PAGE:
Torqueflite automatic was optional, and the base V-8 was the equally familiar 318-cid unit, packing 230 horsepower.
The cheapest 1970 Challenger was the six-cylinder standard coupe, priced at $2,851. R/Ts carried about a $300 price premium, but you got a lot for the extra outlay: a 335-horsepower 383 Magnum V-8, heavy-duty Rallye suspension, F70 X 14 raised-white-letter blackwall tires, heavy-duty brakes, and a Rallye instrument cluster with a 150-mph speedometer, trip odometer, 8,000-rpm tachometer, oil pressure gauge, and clock, plus windshield washers.
Both hardtops could be ordered with a Special Edition package, a luxury option that recalled the design studio's original GT concept. It included a vinyl roof with a smaller "formal" backlight and "SE" emblems on the sail panels.
Inside were leather seat facings, woodgrain dash trim, and an overhead console with warning lights for "door ajar," "seat belts," and "low fuel."
Considering the Challenger was intended as a plusher ponycar, its cockpit came off as surprisingly severe and plain. Occupants were surrounded by dunes of molded ABS plastic, and even standard bucket seats and deep-pile carpeting couldn't completely counteract the austere atmosphere.
As with other ponycars, the seats were set low relative to dash and windowsills, and the back seat area was cramped for adults, though there was adequate room in front. The interior's overall effect was either comforting or claustrophobic, depending on your sensibilities. The Challenger perpetuated another ponycar shortcoming that was literally that: a small trunk.
Learn about the wide array of options available on the Dodge Challenger in the next section.
For more information on cars, see:
1970, 1971, 1972, 1973, 1974 Dodge Challenger Options
"Have it your way" was a big part of Detroit's marketing strategy in the late 1960s, and Dodge played the game as well as anyone. The Challenger was offered with fewer individual options than its rivals because Dodge tended to group items in packages more than other makes.
But though abridged, the list still ran to more than 50 items, many oriented toward performance. For example, there was a 340 package available for base models only, comprising a strong-hearted small-block V-8 of that displacement, plus unsilenced air cleaner, performance hood with functional scoop, E60 X 15 raised-white-letter tires, Rallye suspension, front and rear anti-sway bars, "bumblebee" rump stripe, and "Scat Pack" decals on the quarter windows.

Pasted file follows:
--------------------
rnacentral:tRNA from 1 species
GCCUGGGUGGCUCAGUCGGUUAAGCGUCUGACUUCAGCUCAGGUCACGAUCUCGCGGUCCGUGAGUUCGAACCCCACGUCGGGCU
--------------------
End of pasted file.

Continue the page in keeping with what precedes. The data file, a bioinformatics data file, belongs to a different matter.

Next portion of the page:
The 1970 R/T convertible, here with standard
383 Magnum V-8.
Also listed as step-up power for the standard Challenger were two versions of the stalwart 383, a two-barrel 290-horsepower unit and a 330-horsepower four-barrel engine similar to the standard R/T powerplant.
The enormous 440-cid V-8 was optional across the board in both 375-horsepower Magnum tune and as the "Six Pak," with triple carbs and 390 horses. Those desiring the ultimate -- and willing to part with $1,227.50 -- could order the legendary 426 Hemi with dual four-pot carbs, nominally rated at 425 horsepower.
Speed demons selected the optional four-speed manual transmission, which came with Hurst's beefy "pistol grip" shifter, and manual 440- or Hemi-powered R/Ts were equipped with extra strong Dana 60 rear axles with 93/4-inch ring gears (Torqueflite absorbed enough initial torque in hard driving to preclude the H-D axle).
R/T gearing options included Trak Pak, a 3.54:1 differential with Sure-Grip limited slip, or Super Trak Pak, the same thing with a 4.10:1 gearset.
It was only natural that Dodge would want to offer its race-proven muscle parts in the Challenger, even though that took the car far away from the original luxury GT intent. But performance fever was raging throughout the industry in those days, and it would never burn hotter again.
By way of illustration, the October 1969 issues of Car Craft magazine contained a fold-out for Pontiac's new GTO Judge on the inside front cover, an inside spread on Ford's Torino GT and Cobra, and a four-page Mercury blurb a few pages further on that promised "the most exciting Cougars yet" -- even the luxury ponycar had been afflicted.